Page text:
Pelosi and Clausewitz
Suddenly, thanks to the patient and effective work of House Speaker Nancy Pelosi and Congressman John Murtha—the first national office holder to argue for an end to American involvement in
Clausewitz remains the indispensable reference on matters relating to war, and this is no exception. To understand what is happening today, we can begin with one of his more famous, but also more misunderstood passages—his definition of war as a “paradoxical trinity.” I quote:
“War is more than a true chameleon that slightly adapts its characteristics to the given case. As a total phenomenon its dominant characteristics always make war a remarkable trinity--composed of primordial violence, hatred, and enmity, which are to be regarded as a blind natural force; of the play of chance and probability within which the creative spirit is free to roam; and of its element of subordination, as an instrument of policy, which makes it subject to reason alone.”
I shall stop there for a moment, saving the few sentences—which have created a lot of confusion—for the time being. Essentially, Clausewitz is defining war the way the fire triangle defines fire. Just as fire needs heat, fuel, and oxygen, war needs 1) primordial violence, passion and hatred; 2) a battlefield on which the two sides try to make things happen (the real meaning, the book makes clear, of “the play of chance and probability”); and a political or policy objective (the same word, politik, has both meanings in German, the language of Clausewitz’s work.
Applying this to the
And that leads us back to the second part of my Clausewitz quote, which follows the first directly:
“The first of these three aspects mainly concerns the people; the second the commander and his army; the third the government. The passions that are to be kindled in war must already be inherent in the people; the scope which the play of courage and talent will enjoy in the realm of probability and chance depends on the particular character of the commander and the army; but the political aims are the business of the government alone.”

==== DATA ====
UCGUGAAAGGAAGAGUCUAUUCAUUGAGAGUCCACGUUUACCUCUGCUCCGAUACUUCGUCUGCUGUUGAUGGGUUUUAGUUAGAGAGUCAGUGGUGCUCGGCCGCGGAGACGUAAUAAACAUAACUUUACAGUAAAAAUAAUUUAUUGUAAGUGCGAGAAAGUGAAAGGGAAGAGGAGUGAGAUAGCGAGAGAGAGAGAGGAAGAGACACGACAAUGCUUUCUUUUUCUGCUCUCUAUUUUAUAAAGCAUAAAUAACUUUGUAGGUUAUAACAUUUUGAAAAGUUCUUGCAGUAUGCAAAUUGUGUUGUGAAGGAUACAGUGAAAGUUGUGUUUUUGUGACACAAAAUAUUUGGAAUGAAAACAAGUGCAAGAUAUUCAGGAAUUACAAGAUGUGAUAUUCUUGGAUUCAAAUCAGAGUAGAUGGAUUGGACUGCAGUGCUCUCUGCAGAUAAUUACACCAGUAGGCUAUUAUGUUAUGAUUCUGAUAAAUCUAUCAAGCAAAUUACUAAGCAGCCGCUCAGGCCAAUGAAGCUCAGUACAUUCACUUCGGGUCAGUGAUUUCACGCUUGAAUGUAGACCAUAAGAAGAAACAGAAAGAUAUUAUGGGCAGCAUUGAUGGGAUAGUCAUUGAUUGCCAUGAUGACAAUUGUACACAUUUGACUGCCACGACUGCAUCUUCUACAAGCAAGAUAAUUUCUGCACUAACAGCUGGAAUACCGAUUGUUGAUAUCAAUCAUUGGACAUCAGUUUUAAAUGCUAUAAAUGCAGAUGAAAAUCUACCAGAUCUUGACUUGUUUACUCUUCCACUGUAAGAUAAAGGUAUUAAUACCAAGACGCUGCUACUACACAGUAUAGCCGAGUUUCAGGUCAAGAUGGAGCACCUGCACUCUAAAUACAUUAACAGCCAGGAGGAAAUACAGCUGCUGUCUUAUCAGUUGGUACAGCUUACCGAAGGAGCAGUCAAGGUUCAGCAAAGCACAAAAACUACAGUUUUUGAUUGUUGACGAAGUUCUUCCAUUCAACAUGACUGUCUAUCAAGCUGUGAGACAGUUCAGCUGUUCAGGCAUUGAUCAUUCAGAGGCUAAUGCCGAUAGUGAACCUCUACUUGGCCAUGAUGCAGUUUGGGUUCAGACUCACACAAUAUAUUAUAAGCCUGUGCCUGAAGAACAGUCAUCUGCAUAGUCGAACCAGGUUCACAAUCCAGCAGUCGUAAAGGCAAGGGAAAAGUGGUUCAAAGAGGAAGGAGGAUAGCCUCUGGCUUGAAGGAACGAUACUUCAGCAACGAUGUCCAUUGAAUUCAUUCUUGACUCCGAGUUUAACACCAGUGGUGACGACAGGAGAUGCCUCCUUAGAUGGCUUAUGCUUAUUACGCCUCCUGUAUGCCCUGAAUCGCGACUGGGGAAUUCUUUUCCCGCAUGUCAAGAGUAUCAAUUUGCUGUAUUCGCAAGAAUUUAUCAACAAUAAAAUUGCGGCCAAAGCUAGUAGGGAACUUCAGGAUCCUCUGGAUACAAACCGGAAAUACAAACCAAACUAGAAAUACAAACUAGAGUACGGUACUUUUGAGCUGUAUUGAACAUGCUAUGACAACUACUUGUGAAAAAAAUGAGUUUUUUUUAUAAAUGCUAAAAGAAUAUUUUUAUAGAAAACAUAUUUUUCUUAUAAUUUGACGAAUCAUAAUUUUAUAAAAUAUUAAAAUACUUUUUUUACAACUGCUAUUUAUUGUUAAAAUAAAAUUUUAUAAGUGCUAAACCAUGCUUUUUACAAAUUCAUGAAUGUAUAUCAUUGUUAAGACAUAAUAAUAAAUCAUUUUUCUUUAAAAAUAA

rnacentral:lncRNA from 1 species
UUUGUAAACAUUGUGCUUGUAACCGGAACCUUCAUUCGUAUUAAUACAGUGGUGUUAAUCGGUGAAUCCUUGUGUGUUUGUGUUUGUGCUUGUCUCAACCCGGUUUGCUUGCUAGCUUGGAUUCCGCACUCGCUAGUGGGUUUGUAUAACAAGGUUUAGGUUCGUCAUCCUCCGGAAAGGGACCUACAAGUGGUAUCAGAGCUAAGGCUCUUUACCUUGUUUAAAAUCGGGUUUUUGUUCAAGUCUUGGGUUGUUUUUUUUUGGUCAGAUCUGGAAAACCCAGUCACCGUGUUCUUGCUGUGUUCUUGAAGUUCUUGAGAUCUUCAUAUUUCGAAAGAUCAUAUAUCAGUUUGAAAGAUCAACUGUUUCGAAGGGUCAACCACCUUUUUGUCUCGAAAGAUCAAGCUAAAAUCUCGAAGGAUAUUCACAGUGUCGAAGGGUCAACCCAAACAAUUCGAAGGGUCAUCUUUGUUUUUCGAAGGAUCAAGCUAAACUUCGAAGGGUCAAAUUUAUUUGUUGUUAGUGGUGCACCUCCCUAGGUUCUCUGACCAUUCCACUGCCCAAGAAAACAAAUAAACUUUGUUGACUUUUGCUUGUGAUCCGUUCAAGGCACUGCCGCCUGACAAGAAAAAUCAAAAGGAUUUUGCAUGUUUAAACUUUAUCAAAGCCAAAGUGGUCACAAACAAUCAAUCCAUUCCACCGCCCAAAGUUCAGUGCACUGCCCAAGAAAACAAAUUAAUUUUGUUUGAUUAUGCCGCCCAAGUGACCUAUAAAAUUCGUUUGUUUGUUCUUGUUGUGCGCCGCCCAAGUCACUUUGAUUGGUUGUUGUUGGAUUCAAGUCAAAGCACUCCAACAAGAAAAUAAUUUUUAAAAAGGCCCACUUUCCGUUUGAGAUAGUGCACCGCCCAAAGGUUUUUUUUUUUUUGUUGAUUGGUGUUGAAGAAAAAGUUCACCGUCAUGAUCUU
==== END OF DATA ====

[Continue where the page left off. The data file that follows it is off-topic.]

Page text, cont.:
These two sentences have given birth to the widespread misconception that Clausewitz’s trinity is composed of the people, the army, and the government. It isn’t—the actual three elements are those identified above—passion, the battlefield, and policy. But Clausewitz expected to find the passion within the people of the warring state, he counted upon military leaders to try to win the war on the battlefield, and he expected the political leadership rationally (see above) to design the goals of the war. Unfortunately, life is not always that simple. President Bush has often identified himself as a man motivated more by “instinct” and by faith than by reason, and he now seems motivated more by a passion to prove himself right than by any reasoned appreciation of the facts. Moreover, his rhetoric increasingly makes the American troops he has kept in
The American people, meanwhile, have lost their passion for the war and, as in
Clausewitz’s goal in On War, indeed, was to help reason rule conflict, even though he understood that passion would play a key role. Indeed, near the beginning of the book, he wrote that civilized peoples were ruled by reason, barbarians by passion. That, in my opinion, was too optimistic a view. But in an attempt to prepare his contemporaries for the kind of situation we face today, he explained exactly how nations should react when their goals have become too expensive to achieve.
“Since war is not an act of senseless passion but is controlled by the political object, the value of this object must determine the sacrifices made for it in magnitude and also in duration. Once the expenditure of effort exceeds the value of the political object, the object must be renounced and peace must follow.”
That is a simple, logical statement. It is also what Clausewitz, borrowing from contemporary philosophers, would have called an ideal type: it expresses how things should work in theory, but not how they always work in practice. He wrote his book to try to close that gap. It is a never-ending task. Yesterday the House of Representatives did its part.